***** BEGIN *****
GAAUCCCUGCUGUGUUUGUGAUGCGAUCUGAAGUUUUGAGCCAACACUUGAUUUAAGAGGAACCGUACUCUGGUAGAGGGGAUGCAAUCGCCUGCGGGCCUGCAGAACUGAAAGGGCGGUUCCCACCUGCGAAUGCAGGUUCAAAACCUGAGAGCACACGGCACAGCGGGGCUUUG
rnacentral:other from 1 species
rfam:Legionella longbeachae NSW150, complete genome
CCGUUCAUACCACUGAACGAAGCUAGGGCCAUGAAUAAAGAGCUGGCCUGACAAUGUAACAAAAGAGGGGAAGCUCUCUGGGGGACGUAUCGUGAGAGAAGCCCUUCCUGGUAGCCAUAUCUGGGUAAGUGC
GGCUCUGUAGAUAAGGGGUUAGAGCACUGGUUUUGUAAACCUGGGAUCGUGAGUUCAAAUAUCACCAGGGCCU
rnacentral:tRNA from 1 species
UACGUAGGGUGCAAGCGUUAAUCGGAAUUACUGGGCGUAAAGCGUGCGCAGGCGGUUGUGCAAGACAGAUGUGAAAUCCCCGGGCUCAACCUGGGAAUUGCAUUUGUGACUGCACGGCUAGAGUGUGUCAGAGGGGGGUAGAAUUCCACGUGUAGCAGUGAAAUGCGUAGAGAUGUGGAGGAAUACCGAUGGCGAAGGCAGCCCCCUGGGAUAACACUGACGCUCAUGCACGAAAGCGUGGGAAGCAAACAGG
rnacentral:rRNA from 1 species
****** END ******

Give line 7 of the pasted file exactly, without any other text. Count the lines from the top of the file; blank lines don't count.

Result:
UACGUAGGGUGCAAGCGUUAAUCGGAAUUACUGGGCGUAAAGCGUGCGCAGGCGGUUGUGCAAGACAGAUGUGAAAUCCCCGGGCUCAACCUGGGAAUUGCAUUUGUGACUGCACGGCUAGAGUGUGUCAGAGGGGGGUAGAAUUCCACGUGUAGCAGUGAAAUGCGUAGAGAUGUGGAGGAAUACCGAUGGCGAAGGCAGCCCCCUGGGAUAACACUGACGCUCAUGCACGAAAGCGUGGGAAGCAAACAGG